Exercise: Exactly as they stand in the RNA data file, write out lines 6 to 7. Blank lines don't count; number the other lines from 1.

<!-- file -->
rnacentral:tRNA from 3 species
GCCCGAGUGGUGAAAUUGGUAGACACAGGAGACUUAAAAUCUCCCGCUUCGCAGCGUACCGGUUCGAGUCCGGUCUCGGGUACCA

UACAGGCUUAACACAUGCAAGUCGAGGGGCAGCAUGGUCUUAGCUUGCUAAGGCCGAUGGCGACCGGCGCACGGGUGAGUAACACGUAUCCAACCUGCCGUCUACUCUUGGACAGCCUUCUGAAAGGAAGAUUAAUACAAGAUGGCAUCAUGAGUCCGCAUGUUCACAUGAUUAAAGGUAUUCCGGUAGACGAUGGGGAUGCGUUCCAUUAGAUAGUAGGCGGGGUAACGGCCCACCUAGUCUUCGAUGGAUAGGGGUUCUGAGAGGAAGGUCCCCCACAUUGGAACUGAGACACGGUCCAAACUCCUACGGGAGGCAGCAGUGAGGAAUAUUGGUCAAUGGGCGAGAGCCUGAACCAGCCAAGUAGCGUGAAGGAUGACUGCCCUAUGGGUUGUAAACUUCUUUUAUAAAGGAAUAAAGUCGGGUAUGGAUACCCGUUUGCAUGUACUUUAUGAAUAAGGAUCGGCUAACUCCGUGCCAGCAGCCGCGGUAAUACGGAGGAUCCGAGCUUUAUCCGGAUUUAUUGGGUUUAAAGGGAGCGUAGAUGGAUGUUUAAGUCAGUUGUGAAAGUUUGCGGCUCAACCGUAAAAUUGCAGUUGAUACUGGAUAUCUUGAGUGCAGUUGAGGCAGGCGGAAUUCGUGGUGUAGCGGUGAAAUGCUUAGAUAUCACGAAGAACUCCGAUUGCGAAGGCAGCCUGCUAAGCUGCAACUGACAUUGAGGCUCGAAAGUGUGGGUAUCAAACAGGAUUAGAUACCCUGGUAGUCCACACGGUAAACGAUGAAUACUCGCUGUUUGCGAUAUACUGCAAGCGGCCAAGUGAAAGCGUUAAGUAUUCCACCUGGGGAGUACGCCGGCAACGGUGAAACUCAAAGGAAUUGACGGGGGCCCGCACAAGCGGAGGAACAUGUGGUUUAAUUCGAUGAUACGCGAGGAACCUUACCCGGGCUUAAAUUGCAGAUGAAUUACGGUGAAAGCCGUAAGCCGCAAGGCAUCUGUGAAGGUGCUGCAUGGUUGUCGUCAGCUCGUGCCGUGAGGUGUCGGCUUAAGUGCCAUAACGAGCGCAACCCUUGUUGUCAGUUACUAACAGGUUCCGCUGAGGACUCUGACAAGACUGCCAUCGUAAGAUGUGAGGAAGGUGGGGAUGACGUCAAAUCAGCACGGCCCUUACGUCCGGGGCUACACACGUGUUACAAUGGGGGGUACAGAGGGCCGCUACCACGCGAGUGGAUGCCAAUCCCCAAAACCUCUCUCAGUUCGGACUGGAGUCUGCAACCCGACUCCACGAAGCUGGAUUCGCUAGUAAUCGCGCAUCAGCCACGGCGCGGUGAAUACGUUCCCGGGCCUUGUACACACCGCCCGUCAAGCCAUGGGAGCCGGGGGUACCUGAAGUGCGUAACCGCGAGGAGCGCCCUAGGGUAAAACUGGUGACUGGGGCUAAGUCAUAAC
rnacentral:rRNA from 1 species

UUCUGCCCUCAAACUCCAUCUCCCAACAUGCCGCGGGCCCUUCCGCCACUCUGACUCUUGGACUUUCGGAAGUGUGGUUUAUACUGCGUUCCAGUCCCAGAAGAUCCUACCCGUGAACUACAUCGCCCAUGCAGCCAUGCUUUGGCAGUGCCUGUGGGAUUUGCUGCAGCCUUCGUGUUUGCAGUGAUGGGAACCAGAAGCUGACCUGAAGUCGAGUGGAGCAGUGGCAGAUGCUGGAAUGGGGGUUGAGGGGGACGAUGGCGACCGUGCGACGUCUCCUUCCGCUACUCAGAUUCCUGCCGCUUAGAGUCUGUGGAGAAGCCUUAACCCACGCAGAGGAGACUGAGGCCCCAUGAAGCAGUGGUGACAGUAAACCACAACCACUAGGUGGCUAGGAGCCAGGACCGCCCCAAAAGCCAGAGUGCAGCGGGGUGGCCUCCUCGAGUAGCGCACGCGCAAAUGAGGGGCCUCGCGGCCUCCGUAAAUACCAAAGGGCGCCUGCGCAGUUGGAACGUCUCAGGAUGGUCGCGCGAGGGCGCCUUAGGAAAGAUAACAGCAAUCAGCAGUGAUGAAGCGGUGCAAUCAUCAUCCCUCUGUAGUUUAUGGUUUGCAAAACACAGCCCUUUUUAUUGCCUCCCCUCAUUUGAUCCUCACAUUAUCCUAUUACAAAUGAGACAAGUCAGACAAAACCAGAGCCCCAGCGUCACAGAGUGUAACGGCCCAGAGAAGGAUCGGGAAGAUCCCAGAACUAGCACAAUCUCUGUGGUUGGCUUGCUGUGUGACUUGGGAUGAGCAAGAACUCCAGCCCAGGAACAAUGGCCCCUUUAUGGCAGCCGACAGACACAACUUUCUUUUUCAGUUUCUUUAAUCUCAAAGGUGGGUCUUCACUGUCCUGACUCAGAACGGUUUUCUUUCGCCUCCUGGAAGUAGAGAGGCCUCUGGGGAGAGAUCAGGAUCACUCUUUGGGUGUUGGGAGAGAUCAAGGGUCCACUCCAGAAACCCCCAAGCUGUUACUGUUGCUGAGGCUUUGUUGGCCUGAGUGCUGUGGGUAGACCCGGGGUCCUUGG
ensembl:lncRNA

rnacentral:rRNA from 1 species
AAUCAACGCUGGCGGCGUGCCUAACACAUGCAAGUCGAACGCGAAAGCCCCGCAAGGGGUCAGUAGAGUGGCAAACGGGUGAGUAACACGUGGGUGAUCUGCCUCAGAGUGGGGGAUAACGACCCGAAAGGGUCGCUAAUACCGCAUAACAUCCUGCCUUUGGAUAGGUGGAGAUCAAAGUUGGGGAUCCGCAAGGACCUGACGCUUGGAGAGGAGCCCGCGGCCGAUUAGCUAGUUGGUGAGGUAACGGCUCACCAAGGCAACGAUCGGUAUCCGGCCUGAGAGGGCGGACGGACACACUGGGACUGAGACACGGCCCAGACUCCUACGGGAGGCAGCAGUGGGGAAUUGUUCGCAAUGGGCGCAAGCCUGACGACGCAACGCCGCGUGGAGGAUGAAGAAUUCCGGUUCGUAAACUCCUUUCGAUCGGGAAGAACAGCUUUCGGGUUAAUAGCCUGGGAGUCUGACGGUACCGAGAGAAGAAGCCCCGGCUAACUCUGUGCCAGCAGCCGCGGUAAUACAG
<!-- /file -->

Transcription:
ensembl:lncRNA

rnacentral:rRNA from 1 species